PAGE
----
burninmylight said:

1. *really long explanation on how Alolan Rattata and Yungoos are super interesting*

2. Because if you still  have to have at least one member of your team capable of learning Surf/Strength/Fly/Odor Sleuth/Horseshoe, then you still need HM slaves. No more HM slaves.

3. Still with you on this. All I'm saying is that I became desensitized after playing games that are just as bad if not worse. That doesn't excuse these games though.

4. Let me preface this by reminding you that I am once again speaking from the standpoint of a competitive player. However, I in no way intend to come across as, "Lol, filthy casual." Your opinions and playstyle are just as valid as mine.

With that said, everything you have typed is either objectively wrong (from the standpoint of how they affect a battle) or can also be said about megas. Let me brake it down piece by piece.

 The fact that not every Pokémon gets one might be a little 'unfair', sure, but it also makes them slightly more predictable, which is good - and they still involve strategy.

And using Z-Moves very much involve strategy too. Deciding which Z-crystal to use, which Pokemon to put the crystal on, and when to use it in the match? That is left up to random, dumb luck in the hands of a master, sir. The same with Mega Evolution. Gen 6 Gengar: "Not going to evolve it now so it can come in on my opponent's Earthquake." Pinsir: "Not going to evolve it now so my opponent can't bring in his Gengar, because Levitate won't protect it from EQ due to Mold Breaker." Period: Hmm, should I give the Mega stone to Tyranitar or Blaziken, and how long should I keep my opponent trying to figure out which one has it?"

Once you mega evolve a Pokémon, that's it, it's mega evolved, but you still have to battle. You still have to use your regular moves and put your abilities to good use, and if your opponent can counterplay the mega, then it's fair game.

Same with Z-Moves. Once you use it, that's it for the entire battle. Unlike Mega mon, you have one turn to get it right. Then you still have to use your regular moves and put your abilities to good use, and your opponent can counterplay the Z-move with good prediction. I've brought in Incineroar plenty of times on a predicted Let's Snuggle Forever on my opponent's Mimikyu, then burned the crap out of it with Will-o-Wisp, or brought in my own Hakamo'o to counter my opponents Clangorous Soulblaze. With both Z-moves and Megas, you learn counter strategies through experience.

It's not like a mega evolved Pokémon would always beat a non-mega evolved one either, they were never that broken, and most of them always had one or two weaknesses (not talking exclusively about type matchup kind of weaknesses by the way). Yes, some were bullcrap like Kangaskhan or Mawile or whatever, but that could just be fixed with a thing called "balance patches" which I don't think Game Freak knows about.

Uh, yes they were that freaking broken. Do you ever play competitively online? In Gen 6, Kangaskhan was on every other team, and Mawile was on every third. When these things are allowed to switch in freely, something on the other team is guaranteed to die. They overcentralized the meta game like an mf'er. And I'll tell you the same thing I tell everyone who uses the "one or two weaknesses" argument: if you can only name one or two specific Pokemon to counter another Pokemon, then all you're really doing is proving how damn broken that Pokemon really is. "Greninja isn't overpowered, you just need to bring an Electrode or Porygon2 w/ Eviolite!" Mega Salamence isn't OP, you just need a Choice Scarf Jynx!"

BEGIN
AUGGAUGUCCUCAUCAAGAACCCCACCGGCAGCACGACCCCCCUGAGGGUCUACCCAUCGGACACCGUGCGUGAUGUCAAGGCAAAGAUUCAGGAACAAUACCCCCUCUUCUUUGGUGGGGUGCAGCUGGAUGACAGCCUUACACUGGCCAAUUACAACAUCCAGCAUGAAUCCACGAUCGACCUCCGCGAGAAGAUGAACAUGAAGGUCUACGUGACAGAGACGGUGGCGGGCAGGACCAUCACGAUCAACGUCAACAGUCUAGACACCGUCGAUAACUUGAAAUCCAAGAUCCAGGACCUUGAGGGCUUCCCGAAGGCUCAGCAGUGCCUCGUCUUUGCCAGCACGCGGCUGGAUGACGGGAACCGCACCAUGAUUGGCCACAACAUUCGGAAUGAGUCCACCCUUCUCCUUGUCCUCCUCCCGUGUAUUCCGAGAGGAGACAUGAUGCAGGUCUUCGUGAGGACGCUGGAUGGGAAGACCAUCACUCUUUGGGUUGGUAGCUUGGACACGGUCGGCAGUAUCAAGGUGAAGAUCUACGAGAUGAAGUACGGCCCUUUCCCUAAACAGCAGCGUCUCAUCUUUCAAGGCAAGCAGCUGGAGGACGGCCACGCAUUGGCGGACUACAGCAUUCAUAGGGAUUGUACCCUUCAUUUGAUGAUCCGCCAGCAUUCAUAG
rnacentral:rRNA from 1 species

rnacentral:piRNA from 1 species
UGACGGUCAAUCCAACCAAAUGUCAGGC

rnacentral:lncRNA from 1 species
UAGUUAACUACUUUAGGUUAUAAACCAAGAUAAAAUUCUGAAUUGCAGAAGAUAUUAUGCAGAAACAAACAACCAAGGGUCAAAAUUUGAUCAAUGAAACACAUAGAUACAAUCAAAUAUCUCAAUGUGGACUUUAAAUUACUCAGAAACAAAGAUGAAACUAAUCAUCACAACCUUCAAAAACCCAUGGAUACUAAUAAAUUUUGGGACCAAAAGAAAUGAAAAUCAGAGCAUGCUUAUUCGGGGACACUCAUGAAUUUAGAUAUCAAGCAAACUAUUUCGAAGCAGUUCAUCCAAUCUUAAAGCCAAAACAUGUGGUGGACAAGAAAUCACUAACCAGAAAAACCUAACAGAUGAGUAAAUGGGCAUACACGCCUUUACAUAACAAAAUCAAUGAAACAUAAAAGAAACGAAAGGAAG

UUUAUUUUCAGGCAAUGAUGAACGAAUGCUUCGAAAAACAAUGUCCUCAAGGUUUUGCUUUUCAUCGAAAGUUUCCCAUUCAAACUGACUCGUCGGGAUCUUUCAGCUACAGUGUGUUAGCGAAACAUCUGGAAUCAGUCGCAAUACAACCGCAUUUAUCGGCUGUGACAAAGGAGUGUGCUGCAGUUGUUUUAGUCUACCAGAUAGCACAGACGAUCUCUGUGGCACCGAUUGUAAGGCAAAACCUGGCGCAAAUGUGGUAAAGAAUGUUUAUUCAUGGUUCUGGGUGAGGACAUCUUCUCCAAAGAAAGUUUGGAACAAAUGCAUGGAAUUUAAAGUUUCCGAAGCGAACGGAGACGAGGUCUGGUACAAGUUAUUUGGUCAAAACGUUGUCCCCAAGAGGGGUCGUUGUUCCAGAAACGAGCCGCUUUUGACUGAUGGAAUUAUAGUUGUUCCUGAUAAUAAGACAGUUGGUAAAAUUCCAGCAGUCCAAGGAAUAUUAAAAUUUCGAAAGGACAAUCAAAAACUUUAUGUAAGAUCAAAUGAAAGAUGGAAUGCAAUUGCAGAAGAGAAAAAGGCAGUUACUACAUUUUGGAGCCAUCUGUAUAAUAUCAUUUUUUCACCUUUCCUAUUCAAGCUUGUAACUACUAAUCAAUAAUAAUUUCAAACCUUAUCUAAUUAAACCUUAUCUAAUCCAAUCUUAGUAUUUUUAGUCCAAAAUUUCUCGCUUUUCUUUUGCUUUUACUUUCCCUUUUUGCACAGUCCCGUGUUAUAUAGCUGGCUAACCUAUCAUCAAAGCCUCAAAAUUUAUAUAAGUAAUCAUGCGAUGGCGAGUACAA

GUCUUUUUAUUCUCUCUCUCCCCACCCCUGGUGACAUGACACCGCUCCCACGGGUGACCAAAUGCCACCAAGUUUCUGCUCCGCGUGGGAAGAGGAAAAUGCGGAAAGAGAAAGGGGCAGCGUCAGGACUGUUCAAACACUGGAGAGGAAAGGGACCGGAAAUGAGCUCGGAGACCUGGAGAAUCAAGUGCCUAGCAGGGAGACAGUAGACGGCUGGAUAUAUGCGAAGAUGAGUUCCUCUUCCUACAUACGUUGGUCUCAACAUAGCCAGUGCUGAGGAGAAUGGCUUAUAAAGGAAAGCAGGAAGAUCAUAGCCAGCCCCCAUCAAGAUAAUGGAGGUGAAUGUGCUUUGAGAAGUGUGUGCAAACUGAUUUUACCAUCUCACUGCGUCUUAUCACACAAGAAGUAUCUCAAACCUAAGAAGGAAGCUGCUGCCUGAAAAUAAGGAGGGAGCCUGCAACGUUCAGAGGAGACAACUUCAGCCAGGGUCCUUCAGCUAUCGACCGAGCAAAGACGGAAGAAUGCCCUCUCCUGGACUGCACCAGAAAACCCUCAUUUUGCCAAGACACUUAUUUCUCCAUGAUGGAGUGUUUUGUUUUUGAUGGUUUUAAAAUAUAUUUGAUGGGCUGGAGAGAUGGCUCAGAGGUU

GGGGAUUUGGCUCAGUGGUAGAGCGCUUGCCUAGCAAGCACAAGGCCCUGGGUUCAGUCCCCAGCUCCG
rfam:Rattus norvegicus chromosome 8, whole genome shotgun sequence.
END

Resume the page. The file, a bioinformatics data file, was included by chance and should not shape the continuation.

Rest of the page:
Like I said before, a one-time nuke (that can be mitigated or avoided altogether) is better than a constant nuke. And you kinda undermined yourself with the bit about GameFreak not discovering what a balance patch is. If you know it'll never happen, why mention it?

Z-moves, they're the total opposite. You can never see them coming, and once they come, that's it, there's nothing you can do about it because it's a one-time nuke. Every single time a Z-move happens it's like, you're just having a regular battle and then suddenly out of nowhere the cringy cutscene begins and you're like "oh cool, fuck everything I was doing", because there's barely any way to predict it and definitely no way to react to it. It doesn't really reward smart play because it doesn't allow the opponent to strike back in any way, it's like you're just carrying a hidden nuke card and can randomly drop it at any time for a free kill. It's just a dumb mechanic, which doubles as cringy 20-second long cutscenes for good measure. I hate it, I absolutely hate it. It's the worst mechanic ever put in a Pokémon game by far.

Again, not true. For one, you too can carry a Z-move. Everything you just said about your opponent applies to you as well. For two, maybe you need to put some beefier Pokemon that can take a hit on your team, or use some moves to boost their bulk. Because if they had even average bulk, most Z-moves wouldn't one-shot them outside of being super effective (which would be stupid of your opponent to waste it on) or stat changes working against you. Or use Protect if you predict a Z-move coming, or switch into something that resists it. Or learn to predict. For thirds, if you hate the idea of the one-time nuke so much, there are PLENTY of Z-moves that don't involve direct attacking. When I have Firium Z one Delphox or Incineroar, I sometimes use Z-Will o Wisp to boost their speed a stage to help with a potential sweep. On my Magnezone, Z-Metal Sound let's me get a special attack boost; prior to Gen 7, there was no other way to boost Magnezone's special attack. These are niche strategies, yes, and they go along with what you say about them being unpredictable, but for a guy who wants weird stuff like Steel/Poison Nidoking, I figured you'd like a bit more variety and unpredictability. It's not GF's fault that people are lazy and uncreative and primarily use Z-moves as nukes. Don't hate the game, hate the player.

Oh, and I wholeheartedly agree about the cringey ass animations that take forever. I can bake a potato in the time it takes Clangorous Soulblaze to finish.

(Edit: and about evasiveness, yeah, it sucks. But one crap mechanic countering another crap mechanic doesn't make any of them better.)

Tell me that after you face your first team full of Minimize Drifblims and Chanseys and waste 30 turns of your time trying to touch them.

5. Sir, please re-read what I typed. The game's music is very important to me and is integral to the experience. I said, "Once I finished the game." Because after beating the solo adventure, I spend 95 percent of my game time in battle, breeding at the ranch, or leveling up in battle against wild Chansey. My game file says I have logged 925 hours of play time. Would you want to spend the vast majority of that time listening to the same three or four tunes?